Ramban resolves this issue by pointing out a strange detail the Torah inexplicably adds when Yosef, the viceroy of Egypt, sees his brothers on their first trip to Egypt. After mentioning that Yosef recognized his brothers but they did not recognize him, the Torah reveals that Yosef remembered the dreams from his youth and spoke harshly to his brothers. What is instructive about Yosef’s memory of his dreams? Why does the Torah include this detail? Ramban explains that Yosef’s seeing his ten brothers prostrating themselves before him reminded him of the dream he had of his eleven brothers’ sheaves of grain prostrating themselves before Yosef’s sheaf. There appears to be a prophetic message in the dream that Yosef had to realize. Ramban explains that the discrepancy between only ten brothers prostrating as opposed to the eleven sheaves prostrating indicated to Yosef that the prophecy that he had received as a lad was an imperative to produce a situation where all of his eleven brothers would prostrate before him. The main goal of Yosef’s plan wasn’t to prompt his brothers to repent and correct their flaws. It was to effectuate the images portrayed in his dreams.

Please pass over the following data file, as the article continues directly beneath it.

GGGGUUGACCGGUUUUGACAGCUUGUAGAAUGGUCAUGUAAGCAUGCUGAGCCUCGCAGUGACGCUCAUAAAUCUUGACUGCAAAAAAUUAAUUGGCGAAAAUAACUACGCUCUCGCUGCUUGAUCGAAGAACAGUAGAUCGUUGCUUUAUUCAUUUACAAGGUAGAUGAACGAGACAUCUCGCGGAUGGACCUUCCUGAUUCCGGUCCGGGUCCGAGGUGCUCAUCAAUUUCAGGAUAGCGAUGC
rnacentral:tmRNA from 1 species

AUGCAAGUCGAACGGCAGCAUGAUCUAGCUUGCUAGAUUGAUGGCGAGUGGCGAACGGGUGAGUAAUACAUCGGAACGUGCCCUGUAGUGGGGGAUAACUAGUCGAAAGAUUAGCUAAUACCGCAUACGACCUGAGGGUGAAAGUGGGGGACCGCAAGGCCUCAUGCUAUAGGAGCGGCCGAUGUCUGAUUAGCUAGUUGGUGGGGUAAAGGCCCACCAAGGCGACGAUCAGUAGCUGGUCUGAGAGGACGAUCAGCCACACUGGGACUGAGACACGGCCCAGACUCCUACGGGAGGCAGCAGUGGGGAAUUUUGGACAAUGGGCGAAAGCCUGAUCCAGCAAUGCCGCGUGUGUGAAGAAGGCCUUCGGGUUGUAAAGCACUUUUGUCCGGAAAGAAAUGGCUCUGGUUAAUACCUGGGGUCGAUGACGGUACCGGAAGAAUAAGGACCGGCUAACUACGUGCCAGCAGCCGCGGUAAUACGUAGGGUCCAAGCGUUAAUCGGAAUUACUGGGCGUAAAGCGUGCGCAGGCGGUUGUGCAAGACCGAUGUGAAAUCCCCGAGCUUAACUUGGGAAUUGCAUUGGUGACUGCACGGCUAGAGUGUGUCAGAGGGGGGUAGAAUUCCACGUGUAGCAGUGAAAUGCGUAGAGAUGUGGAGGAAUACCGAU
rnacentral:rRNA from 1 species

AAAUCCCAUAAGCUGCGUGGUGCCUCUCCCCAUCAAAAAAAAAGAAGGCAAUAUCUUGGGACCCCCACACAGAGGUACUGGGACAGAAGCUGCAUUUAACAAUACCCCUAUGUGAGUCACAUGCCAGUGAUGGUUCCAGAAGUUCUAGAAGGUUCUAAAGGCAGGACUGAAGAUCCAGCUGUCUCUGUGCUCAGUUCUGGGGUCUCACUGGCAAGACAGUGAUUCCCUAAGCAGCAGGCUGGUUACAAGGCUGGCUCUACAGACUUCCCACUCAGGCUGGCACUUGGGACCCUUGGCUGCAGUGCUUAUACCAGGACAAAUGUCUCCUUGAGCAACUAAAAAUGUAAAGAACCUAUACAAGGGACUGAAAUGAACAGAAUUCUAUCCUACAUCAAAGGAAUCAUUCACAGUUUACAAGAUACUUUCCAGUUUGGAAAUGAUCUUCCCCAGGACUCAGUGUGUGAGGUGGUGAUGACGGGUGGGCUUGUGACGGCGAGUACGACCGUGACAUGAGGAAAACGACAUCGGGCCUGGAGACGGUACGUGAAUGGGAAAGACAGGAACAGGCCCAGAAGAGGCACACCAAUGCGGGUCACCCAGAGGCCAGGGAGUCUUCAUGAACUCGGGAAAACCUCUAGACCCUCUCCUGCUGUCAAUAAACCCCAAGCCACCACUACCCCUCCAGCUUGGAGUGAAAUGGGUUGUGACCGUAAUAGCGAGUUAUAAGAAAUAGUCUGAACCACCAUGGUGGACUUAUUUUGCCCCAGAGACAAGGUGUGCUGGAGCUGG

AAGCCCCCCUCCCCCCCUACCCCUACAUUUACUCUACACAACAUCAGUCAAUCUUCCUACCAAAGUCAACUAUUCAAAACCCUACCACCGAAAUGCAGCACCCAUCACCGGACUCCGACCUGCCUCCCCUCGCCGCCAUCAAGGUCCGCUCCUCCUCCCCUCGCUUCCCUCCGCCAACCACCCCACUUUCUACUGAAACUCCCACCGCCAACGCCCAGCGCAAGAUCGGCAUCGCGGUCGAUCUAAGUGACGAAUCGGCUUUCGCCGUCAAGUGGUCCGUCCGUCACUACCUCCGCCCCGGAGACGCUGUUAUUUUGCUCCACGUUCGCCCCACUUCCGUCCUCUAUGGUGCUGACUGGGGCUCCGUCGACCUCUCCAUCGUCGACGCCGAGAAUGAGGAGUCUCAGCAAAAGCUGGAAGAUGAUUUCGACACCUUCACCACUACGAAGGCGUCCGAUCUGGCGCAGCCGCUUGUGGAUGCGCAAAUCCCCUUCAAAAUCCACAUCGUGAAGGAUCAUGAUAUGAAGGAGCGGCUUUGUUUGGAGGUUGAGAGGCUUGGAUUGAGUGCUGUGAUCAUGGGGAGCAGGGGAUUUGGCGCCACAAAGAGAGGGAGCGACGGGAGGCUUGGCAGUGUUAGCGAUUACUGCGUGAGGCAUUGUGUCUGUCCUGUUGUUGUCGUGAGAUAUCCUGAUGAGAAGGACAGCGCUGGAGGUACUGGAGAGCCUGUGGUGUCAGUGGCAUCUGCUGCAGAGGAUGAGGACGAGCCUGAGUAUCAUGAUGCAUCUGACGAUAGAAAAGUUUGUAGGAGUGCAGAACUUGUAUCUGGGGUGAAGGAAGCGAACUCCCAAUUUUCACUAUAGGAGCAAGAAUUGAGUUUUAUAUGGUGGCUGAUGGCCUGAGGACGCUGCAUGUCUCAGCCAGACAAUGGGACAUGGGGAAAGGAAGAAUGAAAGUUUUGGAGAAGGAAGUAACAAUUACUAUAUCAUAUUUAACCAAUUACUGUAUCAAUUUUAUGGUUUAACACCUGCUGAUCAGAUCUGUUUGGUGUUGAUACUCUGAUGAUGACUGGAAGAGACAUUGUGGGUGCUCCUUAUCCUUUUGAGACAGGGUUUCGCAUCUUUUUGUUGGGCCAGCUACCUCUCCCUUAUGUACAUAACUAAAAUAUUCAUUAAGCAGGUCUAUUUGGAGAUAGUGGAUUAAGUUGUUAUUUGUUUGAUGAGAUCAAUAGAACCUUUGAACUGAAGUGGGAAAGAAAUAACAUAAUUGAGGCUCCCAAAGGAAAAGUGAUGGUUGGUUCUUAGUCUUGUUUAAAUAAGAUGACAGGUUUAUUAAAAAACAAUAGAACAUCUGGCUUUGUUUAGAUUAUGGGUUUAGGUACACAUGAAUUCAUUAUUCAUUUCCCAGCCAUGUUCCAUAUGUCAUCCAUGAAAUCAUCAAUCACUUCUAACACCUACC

It’s unclear  why Yosef was so confident that the method for discharging the images of his dreams should be through disguise and deception. Potentially, Yosef understood that he was supposed to bring about the dreams himself without his brothers’ assistance, as he alone received the prophecies. Alternatively, it may have been the fact that in the first dream, the brothers’ sheaves were not bowing to Yosef, but rather to Yosef’s sheaf, and in the last dream the sun, moon and stars were bowing to Yosef himself. This may have indicated that until the situation of the last dream was re-created, the brothers should not perceive that it was to Yosef  they were bowing.
Either way, once all eleven brothers bowed to Yosef, he needed to bring about the depiction illustrated in Yosef’s second dream – the sun, moon, and eleven stars bowing to Yosef. This dream indicated a second stage where Yaakov, one of his wives, and Yosef’s eleven brothers would bow to Yosef.
Yosef continued his deception even after the prophecy of the first dream was realized, which clearly indicated his intention to achieve the second stage through that same deception.
When Yosef instructed his servants to remove everyone except his brothers and he revealed his true identity to them, did Yosef allow his emotions to thwart his fulfillment  of the prophecy of the second dream of the sun, moon and stars? Is the Torah presenting an ideal we should emulate, to allow our personal emotions  to prevent us from achieving Hashem’s will?